For people out there who have designed websites, I’m pretty sure that once upon a time you’ve spent some time thinking where to place the main navigation. This is a very minor thing that has a great implication on the overall performance of the website. Keep in mind that a finely placed element can make or break the whole design.
Another thing to keep in mind is that this article is an observation, not in any way should it be used as professional advice. The most important thing in designing a website is how the purpose, design, and the content itself complement each other.
Side Navigation (or vertical navigation)
Side navigation uses too much space, with today’s websites that display advertisements you can’t just enter the two in a contest to see who wins. Most of the time, the side bar is reserved for advertisement and widgets. Go to ThemeForest or other WordPress themes marketplace and you’ll see that 9/10 of the items don’t have side navigation, be it left or right.
So, when is side navigation practical? In the case of TheNextWeb, since their articles deal with a very wide range of categories from daily events to technology news to just about anything on the internet, instead of placing their categories at the top, they designed it so that it shows on the left side of the website. Imagine having all those categories at the top.
Such is also the case with Yahoo.com, the navigation is on the right side. If you have noticed, throughout the years they have added and removed menus without really changing the layout to accommodate new menus. This is the good part of having side navigation, you won’t find space lacking.
If you haven’t noticed yet, right-handed people are usually more comfortable looking at the left side of their monitor. This is the reason why websites like 1stwebdesigner have their content on the left side, because it’s much comfortable that way. So, it’s a bad thing to place the navigation on your left side, the right side is usually better, which is also the place for advertisements and other widgets.
Top Navigation (or horizontal navigation)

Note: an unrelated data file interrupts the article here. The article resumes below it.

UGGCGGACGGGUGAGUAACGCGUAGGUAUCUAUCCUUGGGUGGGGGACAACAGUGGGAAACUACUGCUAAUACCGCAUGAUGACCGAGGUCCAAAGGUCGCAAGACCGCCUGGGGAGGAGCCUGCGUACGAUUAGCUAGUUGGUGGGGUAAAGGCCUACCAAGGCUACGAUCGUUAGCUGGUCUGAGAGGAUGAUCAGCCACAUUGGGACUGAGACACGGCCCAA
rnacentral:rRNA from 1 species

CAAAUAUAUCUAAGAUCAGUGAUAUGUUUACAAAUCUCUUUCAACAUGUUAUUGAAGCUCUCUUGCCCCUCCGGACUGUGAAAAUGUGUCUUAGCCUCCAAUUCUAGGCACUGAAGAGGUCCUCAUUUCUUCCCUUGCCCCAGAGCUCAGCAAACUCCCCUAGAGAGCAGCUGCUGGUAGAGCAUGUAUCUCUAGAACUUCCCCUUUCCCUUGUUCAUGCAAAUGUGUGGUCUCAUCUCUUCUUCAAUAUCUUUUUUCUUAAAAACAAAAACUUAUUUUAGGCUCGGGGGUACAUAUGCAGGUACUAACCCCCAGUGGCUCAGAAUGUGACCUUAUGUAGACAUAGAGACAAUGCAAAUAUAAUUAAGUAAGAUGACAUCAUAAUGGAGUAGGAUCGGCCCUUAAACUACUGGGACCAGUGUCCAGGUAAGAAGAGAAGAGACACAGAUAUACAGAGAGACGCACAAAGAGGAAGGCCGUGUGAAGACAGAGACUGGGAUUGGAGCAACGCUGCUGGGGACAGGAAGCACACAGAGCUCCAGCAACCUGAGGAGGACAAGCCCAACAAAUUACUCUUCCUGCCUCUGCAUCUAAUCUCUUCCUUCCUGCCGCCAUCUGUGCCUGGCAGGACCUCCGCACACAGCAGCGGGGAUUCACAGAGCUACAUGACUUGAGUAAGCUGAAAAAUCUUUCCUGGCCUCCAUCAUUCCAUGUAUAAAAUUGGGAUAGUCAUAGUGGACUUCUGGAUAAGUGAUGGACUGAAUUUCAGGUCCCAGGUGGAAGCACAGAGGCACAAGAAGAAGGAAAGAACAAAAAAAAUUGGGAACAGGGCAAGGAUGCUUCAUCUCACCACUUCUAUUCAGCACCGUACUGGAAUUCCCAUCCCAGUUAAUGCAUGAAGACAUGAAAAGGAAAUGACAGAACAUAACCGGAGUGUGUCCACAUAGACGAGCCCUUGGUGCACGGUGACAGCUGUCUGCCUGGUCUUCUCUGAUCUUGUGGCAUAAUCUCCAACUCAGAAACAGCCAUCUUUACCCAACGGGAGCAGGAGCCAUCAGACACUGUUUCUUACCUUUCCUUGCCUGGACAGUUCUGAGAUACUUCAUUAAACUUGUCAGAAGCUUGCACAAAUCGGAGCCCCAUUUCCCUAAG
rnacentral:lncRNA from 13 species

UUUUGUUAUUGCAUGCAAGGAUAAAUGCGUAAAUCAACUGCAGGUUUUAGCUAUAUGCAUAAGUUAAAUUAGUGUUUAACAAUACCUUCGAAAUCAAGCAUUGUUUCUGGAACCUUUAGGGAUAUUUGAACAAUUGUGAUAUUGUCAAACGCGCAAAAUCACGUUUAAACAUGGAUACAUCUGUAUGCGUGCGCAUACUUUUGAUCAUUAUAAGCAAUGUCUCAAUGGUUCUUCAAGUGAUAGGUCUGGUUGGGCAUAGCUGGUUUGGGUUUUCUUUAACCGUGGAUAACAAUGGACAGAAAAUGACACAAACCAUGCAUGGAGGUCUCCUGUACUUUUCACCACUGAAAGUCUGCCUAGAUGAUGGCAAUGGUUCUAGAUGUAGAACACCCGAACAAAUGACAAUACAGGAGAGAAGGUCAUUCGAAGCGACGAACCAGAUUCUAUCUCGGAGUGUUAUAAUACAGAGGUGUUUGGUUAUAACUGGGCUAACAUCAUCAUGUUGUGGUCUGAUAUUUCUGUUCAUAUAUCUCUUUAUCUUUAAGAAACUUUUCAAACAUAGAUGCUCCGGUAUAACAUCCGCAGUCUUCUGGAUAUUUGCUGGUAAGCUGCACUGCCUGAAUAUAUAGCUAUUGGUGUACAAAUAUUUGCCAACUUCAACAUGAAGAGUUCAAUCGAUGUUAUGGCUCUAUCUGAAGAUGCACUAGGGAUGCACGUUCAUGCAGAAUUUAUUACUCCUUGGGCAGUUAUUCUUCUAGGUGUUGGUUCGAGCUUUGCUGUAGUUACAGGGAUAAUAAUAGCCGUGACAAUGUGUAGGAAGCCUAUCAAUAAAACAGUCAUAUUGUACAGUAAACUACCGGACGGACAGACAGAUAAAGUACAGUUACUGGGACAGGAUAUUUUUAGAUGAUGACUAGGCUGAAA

The placement of your main navigation at the top of the page, or just below the logo, should be carefully thought of not only for the present design and purpose, but for future expansion. No users/readers really like a 90% redesign, it just feels so alienating. Some elements of the original design should be kept, for familiarity’s sake.
Today, most websites use top navigation with the few exceptions of minor menus on their side bar, like in the case of Facebook and Google+, and other large websites. With today’s jQuery, CSS, and other effects plugins, designers can now create a drop down menu to fill every categories with countless sub-categories.
(a screenshot of 1stwebdesigner within 1stwebdesigner, it’s like Inception!)
So, is Side Navigation still practical?
For websites it might not be, but for tools and services like WordPress, your mailbox, and other end-side platforms, side navigation is still useful, but for blogs and websites that are updated regularly, it is common practiced that their navigation is on the top.
The rise of mobile device users is exponential, but mobile versions of websites aren’t. Although there are websites that look the same on different screen sizes, having side navigation looks bad because of the small display. Just recently, I browsed many websites with drop-down menus (like 1stwebdesigner) using my girlfriend’s iPhone. I noticed that I can’t make the drop down appear, so I was stuck. In which case, I suggest you guys use jQuery Mobile.
Things to Consider Before Designing
This is how reddit rolls, by clicking My Reddits a drop down appears containing all of the reddits you are subscribed to. It has both vertical and horizontal navigation. Notice that the horizontal (top) navigation is harder to read, and that the vertical navigation is easier. Or is it just me?
Always think of the future of the website and how will it affect the design. Present content, purpose, and design should be weighed and looked at how will they be months or several years upon conception.
During the first web development class I had in college I asked myself whether I should place my navigation on the top or at the side. I chose the right side. Bad move. Turns out, I only had to place a few pages for navigation and it occupied the whole 200px from top to bottom.
It depends on how the website’s designed. If it is aesthetically pleasing, why not? Sometimes, listing items from top to bottom gives a lot of emphasis on the top part.
But, meh. You’ll end up having a top navigation 90% of the time.
I’m pretty sure that you have your own say on this topic that the world would want to know. Is horizontal navigation cool and current because we all jumped on the same bandwagon?
Rean concurrently served as the Head of Operations and Editor-in-Chief of 1stwebdesigner from 2011 up until Aug 2014. He regularly writes about freelancing, technology, web design, and web development with a little touch of internet marketing here and there.